Rodrigo Alvarez

Tinkering as a way of life

Home automation Project – Part 3: Reverse Engineering RF Signals

My idea is to create a device that replicates the signal that the remote sends to the blinds, triggered by an MQTT command. Good, but what does this signal look like?

For that I have the perfect tool, an SDR (Software defined radio). It’s basically a radio device that has the ability to tune into a wide range of frequencies using a computer. Signals can the be decoded and recorded. Why do I have one of these? Well, i’m a bit of an aviation geek, and I rushed out to buy one when I heard I could listen to aircraft, but that’s another story.

The idea is to tune into the frequency of the remote, record the signal and then analyse it to:

  • A) Worst case, replay the signal
  • B) Best case, understand is composition and recompose the message

Tuning into the remote

First of all, I need to know what frequency to tune into. Fortunately all devices that want to be sold in the us must have FCC certification that requires the frequency to be printed somewhere in the case of the device. However, in case the sticker had fallen or erased, there are a few usual suspects we can usually search for. 433MHz and 446Mhz are open frequencies here in the EU (315MHz in the US) as long as they emit under 500mW. Other common frequencies are 27 MHz for things such as old RC Cars and wireless mice and keyboards, and its updated version 2.4GHz (Same as wifi signals).

Another issue is the strength of the signal I will be receiving. Ideally I should have a tuned antenna to the frequency I want to listen, however, from the tests that I have carried, any “ol’ piece o wire” will do, as the emitter is close enough to the receiver, the signal is very strong and can be decoded easily.

Insert picture of SDR SW

Recording the signal

This is the part I have most struggled with, as there are several signal modulations. The most typical is ASK modulation (and the easiest to decode), basically, if there is oscillation, its a 1 if there isn’t its a 0. Another typical encoding is FSK, whereby a fast oscillation is 1 and a lower one is 0. This has been a learning experience and may limit my ability to implement this project. Yikes! Hope its something easy!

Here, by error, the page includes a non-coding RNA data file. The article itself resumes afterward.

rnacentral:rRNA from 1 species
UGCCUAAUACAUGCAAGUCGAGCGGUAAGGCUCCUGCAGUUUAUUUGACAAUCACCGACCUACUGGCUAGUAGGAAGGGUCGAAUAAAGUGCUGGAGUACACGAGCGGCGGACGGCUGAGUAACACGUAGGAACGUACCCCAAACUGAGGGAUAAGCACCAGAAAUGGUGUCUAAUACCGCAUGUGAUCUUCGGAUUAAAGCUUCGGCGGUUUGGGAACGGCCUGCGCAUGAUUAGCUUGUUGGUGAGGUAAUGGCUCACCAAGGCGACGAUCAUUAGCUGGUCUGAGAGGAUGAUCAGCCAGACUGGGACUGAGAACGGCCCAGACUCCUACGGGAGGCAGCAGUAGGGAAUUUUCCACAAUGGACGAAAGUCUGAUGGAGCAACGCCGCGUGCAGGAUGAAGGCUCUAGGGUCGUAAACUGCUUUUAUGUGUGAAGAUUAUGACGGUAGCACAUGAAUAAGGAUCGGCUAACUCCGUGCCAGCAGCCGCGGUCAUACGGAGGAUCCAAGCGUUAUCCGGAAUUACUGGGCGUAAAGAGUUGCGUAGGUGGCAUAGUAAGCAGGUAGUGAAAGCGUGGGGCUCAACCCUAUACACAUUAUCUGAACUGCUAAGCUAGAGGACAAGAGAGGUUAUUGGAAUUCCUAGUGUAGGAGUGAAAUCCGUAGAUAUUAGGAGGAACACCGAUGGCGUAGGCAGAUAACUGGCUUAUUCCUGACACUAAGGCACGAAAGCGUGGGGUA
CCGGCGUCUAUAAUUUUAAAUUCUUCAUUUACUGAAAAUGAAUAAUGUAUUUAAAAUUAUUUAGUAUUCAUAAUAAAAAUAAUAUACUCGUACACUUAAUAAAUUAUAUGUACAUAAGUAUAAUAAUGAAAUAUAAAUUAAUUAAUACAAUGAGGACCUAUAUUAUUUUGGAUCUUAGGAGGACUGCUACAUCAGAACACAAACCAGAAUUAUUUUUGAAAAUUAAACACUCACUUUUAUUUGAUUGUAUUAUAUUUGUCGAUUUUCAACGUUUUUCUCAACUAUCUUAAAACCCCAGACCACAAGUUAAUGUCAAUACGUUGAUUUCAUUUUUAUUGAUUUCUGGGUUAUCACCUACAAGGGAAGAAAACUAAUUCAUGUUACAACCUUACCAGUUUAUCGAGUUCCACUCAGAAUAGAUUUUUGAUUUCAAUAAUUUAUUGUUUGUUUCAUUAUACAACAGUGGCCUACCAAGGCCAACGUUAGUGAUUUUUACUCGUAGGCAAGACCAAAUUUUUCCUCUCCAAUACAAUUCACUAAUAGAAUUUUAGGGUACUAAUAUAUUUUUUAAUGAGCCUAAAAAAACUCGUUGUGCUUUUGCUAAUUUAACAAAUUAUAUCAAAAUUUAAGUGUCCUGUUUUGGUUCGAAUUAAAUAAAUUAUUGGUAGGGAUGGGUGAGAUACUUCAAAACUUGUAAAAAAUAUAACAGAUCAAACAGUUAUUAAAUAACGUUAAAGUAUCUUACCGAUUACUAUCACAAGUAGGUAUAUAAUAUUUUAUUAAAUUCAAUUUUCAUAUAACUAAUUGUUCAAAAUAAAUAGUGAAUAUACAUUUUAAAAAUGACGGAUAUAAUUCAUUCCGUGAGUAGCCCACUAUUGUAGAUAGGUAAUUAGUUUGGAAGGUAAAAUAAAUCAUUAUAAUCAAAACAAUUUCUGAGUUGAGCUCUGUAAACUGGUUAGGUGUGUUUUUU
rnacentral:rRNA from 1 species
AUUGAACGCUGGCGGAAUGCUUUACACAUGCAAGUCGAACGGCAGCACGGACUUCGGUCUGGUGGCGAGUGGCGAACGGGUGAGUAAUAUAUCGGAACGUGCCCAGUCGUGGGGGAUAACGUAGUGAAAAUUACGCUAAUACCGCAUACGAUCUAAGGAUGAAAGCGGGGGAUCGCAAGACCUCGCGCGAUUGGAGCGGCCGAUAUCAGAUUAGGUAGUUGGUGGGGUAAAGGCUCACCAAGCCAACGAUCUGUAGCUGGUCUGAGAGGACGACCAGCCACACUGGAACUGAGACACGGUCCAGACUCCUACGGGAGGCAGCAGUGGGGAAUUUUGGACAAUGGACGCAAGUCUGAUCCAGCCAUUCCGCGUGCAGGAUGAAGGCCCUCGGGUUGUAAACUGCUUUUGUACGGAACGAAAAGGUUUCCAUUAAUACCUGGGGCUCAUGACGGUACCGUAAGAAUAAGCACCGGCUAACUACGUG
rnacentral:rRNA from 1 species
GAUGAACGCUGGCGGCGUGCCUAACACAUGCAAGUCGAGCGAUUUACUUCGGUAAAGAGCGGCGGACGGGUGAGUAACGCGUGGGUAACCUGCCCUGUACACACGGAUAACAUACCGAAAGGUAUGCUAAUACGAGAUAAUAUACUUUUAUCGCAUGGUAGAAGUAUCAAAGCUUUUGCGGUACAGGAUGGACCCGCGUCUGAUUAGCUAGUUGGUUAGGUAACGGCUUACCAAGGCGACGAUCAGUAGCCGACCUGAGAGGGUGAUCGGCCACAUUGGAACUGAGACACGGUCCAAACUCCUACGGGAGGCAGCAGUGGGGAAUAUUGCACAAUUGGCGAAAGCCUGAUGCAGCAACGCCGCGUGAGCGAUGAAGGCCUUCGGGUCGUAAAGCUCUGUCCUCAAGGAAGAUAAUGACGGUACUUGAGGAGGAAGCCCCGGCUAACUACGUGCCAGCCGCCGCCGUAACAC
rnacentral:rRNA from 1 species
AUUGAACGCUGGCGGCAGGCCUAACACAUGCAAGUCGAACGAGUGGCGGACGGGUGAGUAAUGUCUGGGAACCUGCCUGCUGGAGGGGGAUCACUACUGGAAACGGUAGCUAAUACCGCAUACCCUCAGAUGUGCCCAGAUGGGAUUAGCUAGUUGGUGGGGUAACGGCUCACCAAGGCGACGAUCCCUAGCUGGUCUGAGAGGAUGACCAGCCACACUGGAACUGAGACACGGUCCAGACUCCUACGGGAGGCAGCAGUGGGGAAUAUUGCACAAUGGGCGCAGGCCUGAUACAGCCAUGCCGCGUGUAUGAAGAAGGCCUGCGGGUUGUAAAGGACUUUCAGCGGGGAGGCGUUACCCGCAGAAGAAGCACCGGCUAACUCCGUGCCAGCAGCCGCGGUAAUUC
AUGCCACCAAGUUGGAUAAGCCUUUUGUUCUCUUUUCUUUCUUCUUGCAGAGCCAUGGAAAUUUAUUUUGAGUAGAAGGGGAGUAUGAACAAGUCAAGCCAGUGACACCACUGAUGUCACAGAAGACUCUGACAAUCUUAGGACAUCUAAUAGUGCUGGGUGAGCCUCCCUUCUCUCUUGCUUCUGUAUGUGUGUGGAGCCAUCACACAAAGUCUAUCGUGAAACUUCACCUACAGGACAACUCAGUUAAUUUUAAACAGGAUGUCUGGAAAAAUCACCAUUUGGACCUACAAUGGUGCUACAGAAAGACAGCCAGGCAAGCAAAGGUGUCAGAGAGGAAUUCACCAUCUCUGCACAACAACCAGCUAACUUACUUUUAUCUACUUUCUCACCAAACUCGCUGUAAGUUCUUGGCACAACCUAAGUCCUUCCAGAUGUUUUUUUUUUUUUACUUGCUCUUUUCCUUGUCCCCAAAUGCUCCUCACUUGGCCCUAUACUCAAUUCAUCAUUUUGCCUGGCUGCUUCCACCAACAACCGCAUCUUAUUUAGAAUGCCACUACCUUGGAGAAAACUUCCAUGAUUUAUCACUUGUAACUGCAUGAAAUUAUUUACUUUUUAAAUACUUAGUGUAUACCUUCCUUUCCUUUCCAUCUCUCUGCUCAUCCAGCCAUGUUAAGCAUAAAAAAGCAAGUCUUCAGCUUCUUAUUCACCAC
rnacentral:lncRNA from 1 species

Insert waterfall graph

It turned out to be ASK, I recorded using AM demodulation (wich suits very well to this type of modulation) into a .wav file. The best software to see wav files is of course, Audacity.

insert audacity image

As you can see, every time I press a button on the remote, it sends 3 distinct signal streams, that after comparison, turn out to be the same. I’ve done this to all the 6 blinds at 3 buttons per blind, i.e 18 times.

I now should determine the digital encoding technique. I spent hours reading on RF encodings, data integrity and data validation. Just to arrive to the conclusion that I didn’t need to understand “what the code meant” I just needed to repeat “the same words”. Just like a tourist who is reading from a translation booklet.

Trouble in paradise

Great I had just managed to record the blinds remote, now I had to do the same with Somfy’s sun covers. But when making sure the code was the same between recordings, I noticed differences. Every time I would press a button, the remote would change (I knew choosing a commercial solution would bring trouble). This is where I started to learn about “Rolling Codes”.

Turns out what I was planning to do with the blinds is a very common attack to get access to things such as garage doors and other RF devices. Even cars used to be this easy to hack! I’ve searched online and found several ways to deal with this problem. But I will leave that to another post. This has really been a learning experience!